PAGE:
Show your support for sexual freedom: Print out your own necrocard today!
A few weeks ago, I had the great fortune to attend a talk by distinguished psychiatrist Dr. Steven Schlozman. This was hosted by the Coolidge Corner Theatre, which as it turns out is a great supporter of zombie rights. Now, as you know, much of how and why we are the way we are is still unexplained by human science, so I very much looked forward to hearing about the recent advances in understanding our bodies. His talk was fairly thorough, though it became clear very early on just how much still needs to be researched. A professor from Michigan wrote that by the classic laws of biology, our dead flesh should not be able to move, due to the lack of oxygen. Nevertheless, we do lurch, and shamble, and we do have control over our dead flesh (some more than others).
We already know some things, just through our common experience. We know that cold allows us to stave off decomposition and preserves our bodies. We know that we need freshly killed flesh to continue to unlive (preferably humans, as they are the tastiest and most nutritious). We know that we can suffer almost all injuries without much impediment. We know that it is hard to perform cross-species grafts, but it is easy to exchange organs and limbs with other zombies. We know all these things to be true, because we experience them,but we still don’t know why things are the way they are. I would love to see more scientists start making strides in this rich field of study.
Dr. Schlozman has made a strong foray into zombie medical science. In his lecture he puts forth a theory of zombie brain function. He suggests that while in humans, the amygdala is well-modulated and frontal lobe function is strong, in zombies, our frontal lobe function is decreased while the amydala is stronger. This results in stronger “base” desires, such as rage, hunger, fear…and lust. (Yes, now I have a scientific theory as to why it is typical for zombie libidos to be much stronger than their previous human ones….)
Yes, fellow readers, he mentioned lust. I was wriggling in my seat with joy. Unfortunately, he did not elaborate on lust as he did on hunger and other desires. But I will take my victories where I can: five years ago no self-respecting professor would mention zombie lust in a serious lecture. Today, it was taken easily in stride by the packed lecture hall.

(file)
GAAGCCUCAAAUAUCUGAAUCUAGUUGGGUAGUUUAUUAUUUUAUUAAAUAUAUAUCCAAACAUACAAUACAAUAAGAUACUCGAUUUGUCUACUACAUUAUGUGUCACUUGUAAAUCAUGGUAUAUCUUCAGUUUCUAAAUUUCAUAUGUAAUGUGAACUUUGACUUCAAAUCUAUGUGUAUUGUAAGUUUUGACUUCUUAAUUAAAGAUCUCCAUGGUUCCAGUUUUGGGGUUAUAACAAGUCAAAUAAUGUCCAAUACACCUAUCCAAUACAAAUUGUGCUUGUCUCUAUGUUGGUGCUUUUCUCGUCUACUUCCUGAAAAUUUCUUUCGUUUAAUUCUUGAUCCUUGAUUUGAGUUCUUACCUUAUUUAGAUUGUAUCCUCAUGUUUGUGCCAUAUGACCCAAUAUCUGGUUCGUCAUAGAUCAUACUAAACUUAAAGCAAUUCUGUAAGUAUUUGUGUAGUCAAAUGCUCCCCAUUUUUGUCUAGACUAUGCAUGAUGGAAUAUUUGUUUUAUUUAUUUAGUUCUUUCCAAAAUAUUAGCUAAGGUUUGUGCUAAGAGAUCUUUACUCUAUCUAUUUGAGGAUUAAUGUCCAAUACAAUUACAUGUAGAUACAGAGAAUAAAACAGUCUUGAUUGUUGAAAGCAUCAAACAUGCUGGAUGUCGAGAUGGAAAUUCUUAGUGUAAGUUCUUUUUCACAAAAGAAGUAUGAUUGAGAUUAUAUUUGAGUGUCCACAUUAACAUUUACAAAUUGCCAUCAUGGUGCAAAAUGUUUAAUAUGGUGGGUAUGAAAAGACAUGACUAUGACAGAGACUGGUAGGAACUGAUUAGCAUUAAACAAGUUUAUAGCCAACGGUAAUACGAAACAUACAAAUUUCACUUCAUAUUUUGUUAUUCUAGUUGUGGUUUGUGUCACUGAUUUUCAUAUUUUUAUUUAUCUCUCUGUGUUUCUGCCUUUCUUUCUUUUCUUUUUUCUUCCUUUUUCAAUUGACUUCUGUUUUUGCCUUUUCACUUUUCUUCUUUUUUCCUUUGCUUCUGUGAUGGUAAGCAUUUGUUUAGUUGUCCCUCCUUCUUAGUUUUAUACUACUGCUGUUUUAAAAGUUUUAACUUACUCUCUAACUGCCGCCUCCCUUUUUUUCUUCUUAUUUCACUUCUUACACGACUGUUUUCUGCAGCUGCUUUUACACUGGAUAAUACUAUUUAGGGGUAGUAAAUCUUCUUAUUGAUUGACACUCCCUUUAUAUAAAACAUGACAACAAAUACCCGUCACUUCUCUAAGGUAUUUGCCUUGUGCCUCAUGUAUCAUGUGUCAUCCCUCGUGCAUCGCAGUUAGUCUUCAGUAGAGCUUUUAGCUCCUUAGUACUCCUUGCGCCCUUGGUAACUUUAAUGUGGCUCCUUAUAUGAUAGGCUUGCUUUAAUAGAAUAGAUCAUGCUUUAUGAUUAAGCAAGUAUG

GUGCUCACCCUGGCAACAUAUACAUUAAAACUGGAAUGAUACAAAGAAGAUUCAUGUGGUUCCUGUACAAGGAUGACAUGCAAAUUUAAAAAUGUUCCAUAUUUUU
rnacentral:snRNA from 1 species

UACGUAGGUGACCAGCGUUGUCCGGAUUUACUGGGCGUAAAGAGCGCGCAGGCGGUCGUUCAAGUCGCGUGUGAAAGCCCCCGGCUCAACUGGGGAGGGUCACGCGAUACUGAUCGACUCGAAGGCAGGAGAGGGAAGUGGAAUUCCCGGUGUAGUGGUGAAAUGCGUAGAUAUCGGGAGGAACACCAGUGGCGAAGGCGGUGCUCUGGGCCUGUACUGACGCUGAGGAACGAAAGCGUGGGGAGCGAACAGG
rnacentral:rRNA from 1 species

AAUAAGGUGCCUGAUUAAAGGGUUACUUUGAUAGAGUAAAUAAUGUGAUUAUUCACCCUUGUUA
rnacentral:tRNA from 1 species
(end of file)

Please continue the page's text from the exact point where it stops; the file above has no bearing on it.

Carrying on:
After his lecture followed the screening of the classic horror film, Night of the Living Dead. I watched it, but I had to cover my eyes when the zombies were lit on fire, and also in the last scene when the poor defenseless zombies were picked off one-by-one by callous human posse. For all that it is a very human-centric film, I liked how the humans were shown to be the unfeeling, fractious, and controlling beings that they are often in real life. Humans make much of their frontal lobe domination, but honestly, we zombies manage quite well without it and I think things are much better that way.
Recently I bought my very own copy of Zombie Haiku, by Ryan Mecum. I have to say, folks, this is a really awesome book. It’s got a very high production value – glossy full-color pages (you can see the blood and eyeballs in great detail!) and cute little doodles of doorknobs (“They are so lucky/that I cannot remember/how to use doorknobs”), and brilliant haikus from a zombie perspective. This wonderful book beautifully maps out yet another segment of zombie life that mainstream media has somehow left behind, in order to focus on the attacking humans part. I realize that mainstream media is quite human-centric, but really. We zombies have rich unlives without humans as well! Anyway, this is not *just* a collection of lovely haikus, but it also tells a story.
Some of my favorite haikus:
Blood is really warm.
It’s like drinking hot chocolate
but with more screaming.
I can see through you.
Literally through your mouth
and out to the street.
I keep saying “brains.”
I remember other words,
but I just need one.
What a sweet story. I’m not sure if your local bookstore will carry this, but it really should! And of course there is always Amazon.com, which is where I got my copy ($10, totally worth it for such a pretty book).